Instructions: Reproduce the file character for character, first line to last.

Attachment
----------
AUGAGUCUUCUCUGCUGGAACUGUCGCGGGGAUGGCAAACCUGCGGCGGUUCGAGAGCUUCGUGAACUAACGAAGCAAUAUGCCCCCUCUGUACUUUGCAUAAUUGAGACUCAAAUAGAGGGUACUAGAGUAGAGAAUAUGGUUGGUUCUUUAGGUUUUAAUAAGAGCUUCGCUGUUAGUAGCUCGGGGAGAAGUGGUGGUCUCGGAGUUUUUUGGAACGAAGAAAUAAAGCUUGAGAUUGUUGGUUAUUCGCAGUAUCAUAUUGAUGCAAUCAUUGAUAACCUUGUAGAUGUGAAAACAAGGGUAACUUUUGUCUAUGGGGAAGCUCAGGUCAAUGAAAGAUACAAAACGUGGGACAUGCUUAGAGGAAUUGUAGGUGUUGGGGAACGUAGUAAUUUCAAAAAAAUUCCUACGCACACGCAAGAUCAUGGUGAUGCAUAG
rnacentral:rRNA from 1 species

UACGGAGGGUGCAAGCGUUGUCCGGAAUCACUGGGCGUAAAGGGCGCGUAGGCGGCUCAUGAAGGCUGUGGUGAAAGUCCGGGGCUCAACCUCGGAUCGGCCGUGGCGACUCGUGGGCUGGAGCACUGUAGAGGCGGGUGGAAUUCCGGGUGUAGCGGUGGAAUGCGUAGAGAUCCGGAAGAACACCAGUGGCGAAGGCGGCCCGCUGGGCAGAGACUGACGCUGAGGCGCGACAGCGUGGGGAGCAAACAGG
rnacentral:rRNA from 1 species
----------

AUGAGUCUUCUCUGCUGGAACUGUCGCGGGGAUGGCAAACCUGCGGCGGUUCGAGAGCUUCGUGAACUAACGAAGCAAUAUGCCCCCUCUGUACUUUGCAUAAUUGAGACUCAAAUAGAGGGUACUAGAGUAGAGAAUAUGGUUGGUUCUUUAGGUUUUAAUAAGAGCUUCGCUGUUAGUAGCUCGGGGAGAAGUGGUGGUCUCGGAGUUUUUUGGAACGAAGAAAUAAAGCUUGAGAUUGUUGGUUAUUCGCAGUAUCAUAUUGAUGCAAUCAUUGAUAACCUUGUAGAUGUGAAAACAAGGGUAACUUUUGUCUAUGGGGAAGCUCAGGUCAAUGAAAGAUACAAAACGUGGGACAUGCUUAGAGGAAUUGUAGGUGUUGGGGAACGUAGUAAUUUCAAAAAAAUUCCUACGCACACGCAAGAUCAUGGUGAUGCAUAG
rnacentral:rRNA from 1 species

UACGGAGGGUGCAAGCGUUGUCCGGAAUCACUGGGCGUAAAGGGCGCGUAGGCGGCUCAUGAAGGCUGUGGUGAAAGUCCGGGGCUCAACCUCGGAUCGGCCGUGGCGACUCGUGGGCUGGAGCACUGUAGAGGCGGGUGGAAUUCCGGGUGUAGCGGUGGAAUGCGUAGAGAUCCGGAAGAACACCAGUGGCGAAGGCGGCCCGCUGGGCAGAGACUGACGCUGAGGCGCGACAGCGUGGGGAGCAAACAGG
rnacentral:rRNA from 1 species